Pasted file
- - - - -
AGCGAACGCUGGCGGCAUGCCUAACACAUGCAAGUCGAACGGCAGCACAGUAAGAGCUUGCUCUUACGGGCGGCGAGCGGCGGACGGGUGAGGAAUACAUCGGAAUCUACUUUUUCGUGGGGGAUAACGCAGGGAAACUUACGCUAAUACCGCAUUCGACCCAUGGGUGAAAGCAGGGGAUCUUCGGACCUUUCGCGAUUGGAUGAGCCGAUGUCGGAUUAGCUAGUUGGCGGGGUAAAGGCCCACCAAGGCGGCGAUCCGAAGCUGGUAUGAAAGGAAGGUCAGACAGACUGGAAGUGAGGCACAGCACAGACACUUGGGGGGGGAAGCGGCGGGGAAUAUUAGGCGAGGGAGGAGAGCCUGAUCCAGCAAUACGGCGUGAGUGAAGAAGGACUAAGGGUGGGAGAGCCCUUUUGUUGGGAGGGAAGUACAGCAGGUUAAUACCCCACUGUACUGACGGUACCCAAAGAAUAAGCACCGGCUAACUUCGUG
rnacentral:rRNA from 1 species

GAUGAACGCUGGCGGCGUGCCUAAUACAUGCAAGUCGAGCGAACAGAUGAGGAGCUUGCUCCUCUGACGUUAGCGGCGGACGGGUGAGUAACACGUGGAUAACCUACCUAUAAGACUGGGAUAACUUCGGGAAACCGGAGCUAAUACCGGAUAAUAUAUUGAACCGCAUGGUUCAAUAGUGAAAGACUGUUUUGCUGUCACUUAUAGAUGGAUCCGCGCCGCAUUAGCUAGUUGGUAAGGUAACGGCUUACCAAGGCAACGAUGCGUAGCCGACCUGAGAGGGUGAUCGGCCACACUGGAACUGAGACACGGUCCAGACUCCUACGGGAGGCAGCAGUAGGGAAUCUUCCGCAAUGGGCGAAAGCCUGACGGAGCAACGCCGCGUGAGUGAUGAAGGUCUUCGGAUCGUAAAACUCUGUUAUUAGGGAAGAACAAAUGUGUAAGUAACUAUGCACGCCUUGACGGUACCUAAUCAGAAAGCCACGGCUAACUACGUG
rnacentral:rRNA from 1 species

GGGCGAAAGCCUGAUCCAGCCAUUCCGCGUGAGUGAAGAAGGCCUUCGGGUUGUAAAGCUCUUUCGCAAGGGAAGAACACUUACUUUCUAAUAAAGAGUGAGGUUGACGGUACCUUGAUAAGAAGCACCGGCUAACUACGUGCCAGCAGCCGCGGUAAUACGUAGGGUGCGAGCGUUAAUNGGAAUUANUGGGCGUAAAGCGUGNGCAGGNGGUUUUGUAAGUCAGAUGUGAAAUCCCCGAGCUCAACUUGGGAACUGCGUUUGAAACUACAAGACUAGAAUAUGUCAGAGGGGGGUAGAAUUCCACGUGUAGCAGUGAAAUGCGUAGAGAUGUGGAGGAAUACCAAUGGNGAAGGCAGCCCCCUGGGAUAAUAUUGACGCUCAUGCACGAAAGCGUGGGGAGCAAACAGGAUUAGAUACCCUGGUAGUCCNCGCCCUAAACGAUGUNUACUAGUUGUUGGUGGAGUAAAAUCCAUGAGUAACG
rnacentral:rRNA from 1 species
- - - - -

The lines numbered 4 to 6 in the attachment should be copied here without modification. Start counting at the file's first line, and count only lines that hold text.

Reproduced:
rnacentral:rRNA from 1 species

GGGCGAAAGCCUGAUCCAGCCAUUCCGCGUGAGUGAAGAAGGCCUUCGGGUUGUAAAGCUCUUUCGCAAGGGAAGAACACUUACUUUCUAAUAAAGAGUGAGGUUGACGGUACCUUGAUAAGAAGCACCGGCUAACUACGUGCCAGCAGCCGCGGUAAUACGUAGGGUGCGAGCGUUAAUNGGAAUUANUGGGCGUAAAGCGUGNGCAGGNGGUUUUGUAAGUCAGAUGUGAAAUCCCCGAGCUCAACUUGGGAACUGCGUUUGAAACUACAAGACUAGAAUAUGUCAGAGGGGGGUAGAAUUCCACGUGUAGCAGUGAAAUGCGUAGAGAUGUGGAGGAAUACCAAUGGNGAAGGCAGCCCCCUGGGAUAAUAUUGACGCUCAUGCACGAAAGCGUGGGGAGCAAACAGGAUUAGAUACCCUGGUAGUCCNCGCCCUAAACGAUGUNUACUAGUUGUUGGUGGAGUAAAAUCCAUGAGUAACG
rnacentral:rRNA from 1 species